The art bookstore has its sights on a handful of significant books about Southern California life, art, and architecture. “Never Built Los Angeles” by Sam Lubell and Greg Goldin, arrives in April with a forward by Thom Mayne. The book pulls together archival drawings and recent illustrations of 100 visionary-but-unbuilt works that would have given different shape to our city. Very soon co-owner Lee Kaplan expects the arrival of “James Welling,” a retrospective published by Aperture. Welling, who teaches at UCLA, is “an artists’ artist,” Kaplan explains, “one of L.A.'s best-kept secrets.” Another anticipated title is “The Plight of the Torpedo People,” a photo book of body surfing tied to Keith Malloy’s film “Come Hell or High Water.” And fans of artist Ed Ruscha can look forward to “Various Small Books,” edited by Wendy Burton and Jeff Brouws, which looks at almost 100 small art books that riffed on Ruscha’s seminal pieces such as “26 Gasoline Stations” and “Every Building on the Sunset Strip.”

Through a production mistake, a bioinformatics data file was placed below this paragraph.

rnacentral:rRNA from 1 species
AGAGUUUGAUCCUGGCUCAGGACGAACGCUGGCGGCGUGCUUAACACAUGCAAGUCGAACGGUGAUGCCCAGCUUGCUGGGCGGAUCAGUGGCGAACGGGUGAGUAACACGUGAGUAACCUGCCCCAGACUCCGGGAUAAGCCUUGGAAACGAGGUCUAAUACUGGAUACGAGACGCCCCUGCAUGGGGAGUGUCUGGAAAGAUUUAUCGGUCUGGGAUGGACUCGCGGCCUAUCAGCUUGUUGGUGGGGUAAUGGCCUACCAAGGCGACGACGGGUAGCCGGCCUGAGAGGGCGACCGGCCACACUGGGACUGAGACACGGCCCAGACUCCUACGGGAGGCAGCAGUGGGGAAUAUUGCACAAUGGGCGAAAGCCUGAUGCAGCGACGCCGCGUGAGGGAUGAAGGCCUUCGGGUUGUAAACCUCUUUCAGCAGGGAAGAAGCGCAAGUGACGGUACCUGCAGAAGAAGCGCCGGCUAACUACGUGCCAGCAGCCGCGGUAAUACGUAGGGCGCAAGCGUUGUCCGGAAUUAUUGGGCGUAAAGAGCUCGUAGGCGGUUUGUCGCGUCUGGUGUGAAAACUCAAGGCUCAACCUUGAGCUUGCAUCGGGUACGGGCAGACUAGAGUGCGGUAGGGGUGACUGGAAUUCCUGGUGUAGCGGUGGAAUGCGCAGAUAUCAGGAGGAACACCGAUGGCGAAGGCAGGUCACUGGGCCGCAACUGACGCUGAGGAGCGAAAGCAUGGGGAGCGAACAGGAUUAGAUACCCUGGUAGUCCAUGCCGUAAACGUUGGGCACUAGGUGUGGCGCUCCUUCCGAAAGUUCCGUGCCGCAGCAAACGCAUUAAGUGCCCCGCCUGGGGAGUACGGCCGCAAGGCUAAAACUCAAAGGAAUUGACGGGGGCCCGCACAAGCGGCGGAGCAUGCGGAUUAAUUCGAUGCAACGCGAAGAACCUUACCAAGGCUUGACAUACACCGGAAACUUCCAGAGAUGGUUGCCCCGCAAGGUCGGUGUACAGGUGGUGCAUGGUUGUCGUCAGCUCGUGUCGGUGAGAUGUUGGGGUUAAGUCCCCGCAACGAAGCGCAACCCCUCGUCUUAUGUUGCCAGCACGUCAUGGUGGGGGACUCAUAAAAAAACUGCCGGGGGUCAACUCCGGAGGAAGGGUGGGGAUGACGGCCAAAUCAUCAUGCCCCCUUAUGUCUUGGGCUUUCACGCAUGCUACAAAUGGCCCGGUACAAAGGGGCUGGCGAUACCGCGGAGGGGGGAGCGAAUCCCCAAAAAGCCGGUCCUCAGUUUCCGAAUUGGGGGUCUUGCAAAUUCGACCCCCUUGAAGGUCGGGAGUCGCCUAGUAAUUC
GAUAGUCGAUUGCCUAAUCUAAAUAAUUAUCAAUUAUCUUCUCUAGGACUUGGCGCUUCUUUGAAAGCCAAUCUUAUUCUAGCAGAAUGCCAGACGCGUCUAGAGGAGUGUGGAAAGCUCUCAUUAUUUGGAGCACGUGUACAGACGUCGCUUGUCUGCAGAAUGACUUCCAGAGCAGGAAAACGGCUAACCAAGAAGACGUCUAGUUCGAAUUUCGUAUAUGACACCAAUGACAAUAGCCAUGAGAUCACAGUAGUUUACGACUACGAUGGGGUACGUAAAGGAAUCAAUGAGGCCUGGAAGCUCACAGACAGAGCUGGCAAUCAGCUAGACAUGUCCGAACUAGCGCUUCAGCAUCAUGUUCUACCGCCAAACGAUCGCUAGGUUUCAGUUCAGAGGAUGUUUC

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Barnes & Noble

The first book that Patricia Bostelman, vice president of marketing, wanted to talk about was a memoir: U.S. Supreme Court Justice Sonia Sotomayor’s “My Beloved World.” The book steps carefully past her legal history and instead focuses on Sotomayor’s youth growing up poor in the Bronx. “It’s like ‘A Tree Grows In Brooklyn,’” says Bostelman, who met Sotomayor to discuss the book. “She tells a very personal story.” Another nonfiction book by a major female player — Facebook Chief Operating Officer Sheryl Sandberg’s “Lean In: Women, Work and the Will to Lead” — is coming in March. In fiction, Bostelman expects big things from a writer unknown in America: Herman Koch’s “The Dinner” is a suspenseful international bestseller about two families that meet — yes, for dinner — to discuss something bad that their sons have done. Also on her radar are Kate Atkinson’s “Life After Life,” a literary novel coming in May; perennial bestseller Robert Crais’ “Suspect,” out later this month and Harlan Coben’s “Six Years,” which arrives in March.

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The bookstore chain is also looking forward to two movie tie-in editions. There’s Max Brooks’ “World War Z: An Oral History of the Zombie War” starring Brad Pitt, which comes to screens in November, as does “Ender’s Game” by Orson Scott Card, the young adult science fiction story of child warriors. “Even if a movie isn’t all that successful,” Bostelman says, “It’s a great way to sell books.”

carolyn.kellogg@latimes.com